A poisonous snake being gifted by the killer to Jayant leads to a scene where the latter has to ensure he doesn’t break eye contact with the python. Concurrently a flashback shows a younger Jayant studying in the light of a fading lantern and waking up almost immediately after falling asleep. It’s a fascinating form of character development built on the back of an event that comes out of nowhere. There are also moments of immense tension and adrenaline rush—Jayant trying not to fall off the ledge of the building or a violent scuffle between Jayant and Monica devolving into something far more gruesome—which are undercut by the score and the quirky songs, deflating the tension and eliciting laughs from the audience. It is confusing the dissonance between how the scenes are structured and how the final scene is presented with appropriate context. There is a healthy amount of commentary about the effects of capitalism and greed and how over-ambition can make a person lose their humanity, but those aren’t truly the primary focus. The protagonist isn’t testing the waters of the dark side; he is already a bonafide dirtbag, slippery enough to remedy the jam he is stuck in.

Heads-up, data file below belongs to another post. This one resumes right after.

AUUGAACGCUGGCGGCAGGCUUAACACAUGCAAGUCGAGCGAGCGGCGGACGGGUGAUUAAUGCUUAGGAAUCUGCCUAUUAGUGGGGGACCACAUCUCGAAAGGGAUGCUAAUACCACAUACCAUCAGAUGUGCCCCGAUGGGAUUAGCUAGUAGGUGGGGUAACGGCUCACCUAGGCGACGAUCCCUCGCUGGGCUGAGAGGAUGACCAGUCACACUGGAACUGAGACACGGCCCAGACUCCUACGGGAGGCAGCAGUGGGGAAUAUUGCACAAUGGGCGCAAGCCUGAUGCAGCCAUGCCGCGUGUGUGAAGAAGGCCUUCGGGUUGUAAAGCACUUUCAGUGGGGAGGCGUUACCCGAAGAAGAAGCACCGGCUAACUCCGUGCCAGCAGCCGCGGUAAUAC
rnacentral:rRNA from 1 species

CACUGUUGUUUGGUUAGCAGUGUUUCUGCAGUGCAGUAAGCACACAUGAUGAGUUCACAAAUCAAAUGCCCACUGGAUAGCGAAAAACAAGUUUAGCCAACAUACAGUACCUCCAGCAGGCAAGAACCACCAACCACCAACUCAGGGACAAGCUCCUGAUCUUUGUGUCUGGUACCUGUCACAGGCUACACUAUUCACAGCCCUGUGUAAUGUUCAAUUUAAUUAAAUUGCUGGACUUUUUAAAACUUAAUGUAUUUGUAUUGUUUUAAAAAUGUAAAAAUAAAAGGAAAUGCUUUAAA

There are innumerable references to older Bollywood movies, especially the cheese-fest movies of the 1970s and 1980s. Even Radhika Apte’s character of ACP Naidu feels like a character from one of those movies, always armed with a smart comment and a witty comeback but unable to make a dent beyond being a hindrance. However, a persistent form of humor is her commenting on the story that Jayant is fabricating as the alibi. In a manner befitting that of a meta-commentary, she comments on how to keep backstories vague, how to let the plot be loose or keep the plot airtight. It doubles for fun banter while also serving as a meta-commentary of the storytelling itself, which would have worked if the flaws didn’t actually exist within the storytelling. It is commendable that director Vasan Bala and screenwriter Yogesh Chandekar maintain the protagonist’s slippery tendencies, and Rao plays him with a shifty eye and quiet arrogance. Sukant Goel, as Gaurav, feels like the personification of the supposed unpredictability of the overall story. Radhika Apte’s character is good as comic relief, but its purpose doesn’t serve to impact the story so much. 

Much of “Monica, O My Darling” rests on comedic bits or a mix of silly and serious moments which, in a vacuum, feel riotously hilarious; in the context of an overall story, it loses its impact. The balance between comedy and legitimate stakes feels skewed by the time the movie approaches the finish line. Thus, when the inevitable finally occurs, you just observe it with a hint of tired disbelief; even then, your brain is too wired to expect randomness to surprise you anymore. When unpredictability also becomes predictable, nothing remains surprising. It’s a banger of a soundtrack, though.


Amartya Acharya
Amartya Acharya
Amartya is a true cinephile who loves to explore the horizons of films and literature. He loves to write about them when not getting overwhelmed.